Bob’s Survival Guide in Attending Events Related to Pope Francis’ Visit to the Philippines

Exactly twenty (20) years ago today, 12 January 1995 St. John Paul II (then Pope) landed at the NAIA (RPLL, MNL) to attend the culmination of World Youth Day (WYD) Manila. I was a 3rd Year High School student then and a Medic Volunteer for WYD 1995.

Three (03) days from now, the current Vicar of Christ, Pope Francis will be landing on Philippine soil for his Papal Visit. This time, I am not a volunteer for any organization, but will be an observer and a member of the Roman Catholic church attending some of the activities to see the Pope in person.

Based on my experience from the last Papal Visit, coupled with exposure on big events particularly related to aviation (where you will be under the sun for almost the entire day), here’s my own Survival Guide in Attending Events Related to Pope Francis’ Visit to the Philippines:

  • Forget Filipino Time
    Even just for this week, will you please forget about Filipino Time? During the last Papal Visit (20 years ago), everything was in a clockwork sequence. The only thing delaying the arrival of the Pope in a venue was the pack of crowd waiting for his convoy to arrive. For this Papal Visit, if you want to catch a glimpse of Pope Francis, be sure to be at the venue of activities at least three (03) hours before it is scheduled to happen, at the minimum. KNOW THE SCHEDULE of the Pope’s appearance at the different venues.
  • Travel Light
    Condition yourself that you will be walking for miles (kilometers, actually since we’re in the Philippines) and for hours. I tell you, for the Sunday afternoon mass of Pope Francis, people will be walking as far as Baclaran to the Quirino Grandstand. The last time the Pope celebrated a mass at the same venue, it was attended by some 5 million people. For Sunday, they are estimating around 6 million to be in attendance. Make sure to wear comfortable clothes and the best walking shoes you have. I do not suggest wearing of slippers; rubber shoes are more durable and will be able to protect your feet that day.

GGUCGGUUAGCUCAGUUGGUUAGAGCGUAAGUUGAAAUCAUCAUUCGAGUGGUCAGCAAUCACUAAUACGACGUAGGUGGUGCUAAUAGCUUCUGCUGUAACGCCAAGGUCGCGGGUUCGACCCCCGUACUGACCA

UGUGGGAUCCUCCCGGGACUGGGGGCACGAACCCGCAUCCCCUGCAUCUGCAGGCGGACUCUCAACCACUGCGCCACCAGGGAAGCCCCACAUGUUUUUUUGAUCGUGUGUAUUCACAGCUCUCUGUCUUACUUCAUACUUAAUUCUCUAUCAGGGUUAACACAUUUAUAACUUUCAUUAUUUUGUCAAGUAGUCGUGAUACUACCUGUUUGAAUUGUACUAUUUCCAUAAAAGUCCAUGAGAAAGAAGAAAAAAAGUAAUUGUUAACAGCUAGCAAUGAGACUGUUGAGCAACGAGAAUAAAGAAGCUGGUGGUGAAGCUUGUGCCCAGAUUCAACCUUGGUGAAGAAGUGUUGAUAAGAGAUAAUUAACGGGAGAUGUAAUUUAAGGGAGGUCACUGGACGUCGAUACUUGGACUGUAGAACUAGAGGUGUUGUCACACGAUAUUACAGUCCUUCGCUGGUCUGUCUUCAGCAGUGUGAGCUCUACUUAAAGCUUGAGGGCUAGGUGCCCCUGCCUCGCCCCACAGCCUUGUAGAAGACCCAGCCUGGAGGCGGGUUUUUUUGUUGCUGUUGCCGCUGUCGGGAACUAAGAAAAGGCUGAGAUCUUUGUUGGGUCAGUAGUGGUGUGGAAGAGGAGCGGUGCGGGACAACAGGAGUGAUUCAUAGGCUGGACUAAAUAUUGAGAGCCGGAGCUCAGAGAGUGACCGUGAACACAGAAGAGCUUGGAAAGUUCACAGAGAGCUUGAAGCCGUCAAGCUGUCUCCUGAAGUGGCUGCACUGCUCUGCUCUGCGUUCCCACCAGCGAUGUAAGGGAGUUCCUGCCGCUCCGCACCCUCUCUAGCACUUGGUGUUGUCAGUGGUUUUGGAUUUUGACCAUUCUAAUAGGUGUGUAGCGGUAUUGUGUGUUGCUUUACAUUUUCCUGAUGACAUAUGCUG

• Do Not Forget the Following
    Make sure that you have the following inside your bag (heard that backpacks will be disallowed at the venues where the Pope will be): a bottle or two of drinking water, some snacks (biscuits will do if you do not have any health condition), mini first aid kit, ID card(s), penlight flash light, raincoat (also heard that use of umbrellas will be banned), plastic bags (to dispose off your litter afterwards), and the most important of all — power banks to go along with your mobile phone.
    I also suggest that you leave your wallets at home … better safe than sorry.
  • Bring a Full Charged Digital Camera
    If you do not have an iPhone (yes, I’m biased. I dumped my digital camera for an iPhone), make sure that you a a fully charged digital camera. Who knows, Pope Francis might just ask the popemobile driver to stop in front of you. As they say, Pope Francis is the most unpredictable we had so far.
  • Be Alert, Always
    Though there is no actual threat for the safety of the Pope (according to the government), it is still best to be always on the lookout for suspicious personalities, items, etc. There is nothing wrong of reporting these unusual stuff to authorities. Again, better safe than sorry.

I do hope that my list above will be of help to you. Enjoy the rest of this week. Good luck to all of us praying to have that encounter with Pope Francis.

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